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Meet Prairie Schooner, an awesome lit mag that has been publishing since 1926! In addition to a fabulous print edition, Prairie Schooner also has Web-only features, a fancy new website, and a super cool podcast, Air Schooner.
Check out this great journal to read the best fiction, poetry, essays, and reviews being published today by beginning, mid-career, and established writers.
CONTEST! Leave a comment by May 17 to enter to win a free Prairie Schooner T-shirt! This contest is now closed. Congratulations to Toribio, our winner. Thank you to all who participated!
1. Give us the lowdown on your journal’s mission.
Called by Bill Henderson, editor of the Pushcart Prize anthology, “a granddaddy of them all,” Prairie Schooner has been around for more than 85 years. We publish the best stories, poems, essays, and book reviews by established and up-and-coming writers. Our new Editor-in-Chief Kwame Dawes is excited by unique writing from American and international authors of all aesthetics.
2. Describe your ideal submission in 15 words or less.
It makes us jump up, grab the nearest person, and shout, “You’ve gotta read this!”
3. Tell us about a piece you recently published that got the staff really excited. Why did you love it? Why did it strike a chord? Can readers find it online?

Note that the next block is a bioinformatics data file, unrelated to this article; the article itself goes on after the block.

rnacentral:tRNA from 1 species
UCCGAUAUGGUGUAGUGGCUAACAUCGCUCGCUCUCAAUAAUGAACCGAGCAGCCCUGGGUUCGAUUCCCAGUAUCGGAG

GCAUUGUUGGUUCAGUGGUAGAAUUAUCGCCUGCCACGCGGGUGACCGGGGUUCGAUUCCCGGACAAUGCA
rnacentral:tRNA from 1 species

In our Winter 2011 Special Irish Issue, we published a poem by Irish author Patrick Toland called “How to Eat a Quince.” The few staff members who read it before it was published knew it was wonderful, but once it was published we received so many compliments! Our senior readers voted that Toland should receive one of our annual awards; our Editor-in-Chief Kwame Dawes nominated the poem for a Pushcart Prize; and months later at an Irish conference a writer approached us to gush about the poem. Read it here!
4. Regarding submissions: What’s the most common turn-off that you encounter (in terms of craft)?
Writing that is pretentious and self-congratulatory.
5. What’s the most common oversight (in terms of submission guidelines)?
Some writers simultaneously submit (which we discourage) and fail to notify us when a piece is taken elsewhere; it’s always disappointing to let go of a story, poem, essay, or review that we love.
6. Where can readers find your submission guidelines?
You can find them here.
7. Why is your journal awesome?
Let us count the ways! Our new Editor-in-Chief Kwame Dawes is always brainstorming how to make Prairie Schooner even more terrific. This January, we launched a new website and introduced a podcast series called Air Schooner (check it out on iTunes!), a quirky and informative poetry column called Poetry News in Review, and Fusion, online collaborations with other journals based on themes (work, food, home, etc.) that feature archived poetry from both journals as well as visual art from local artists.
Starting with our Winter 2011 Irish issue, each winter issue of Prairie Schooner will be internationally themed; Sherman Alexie will guest-edit our Winter 2012 Native American issue. Next year at AWP 2013 we’ll debut an app for smart phones, and starting with our Summer 2012 issue, our print journal will be available to read on Kindle! This summer is also exciting because it marks our first creative nonfiction essay contest; submissions open for this May 2 and close August 31. All of these initiatives speak back to the energy and diversity of Prairie Schooner.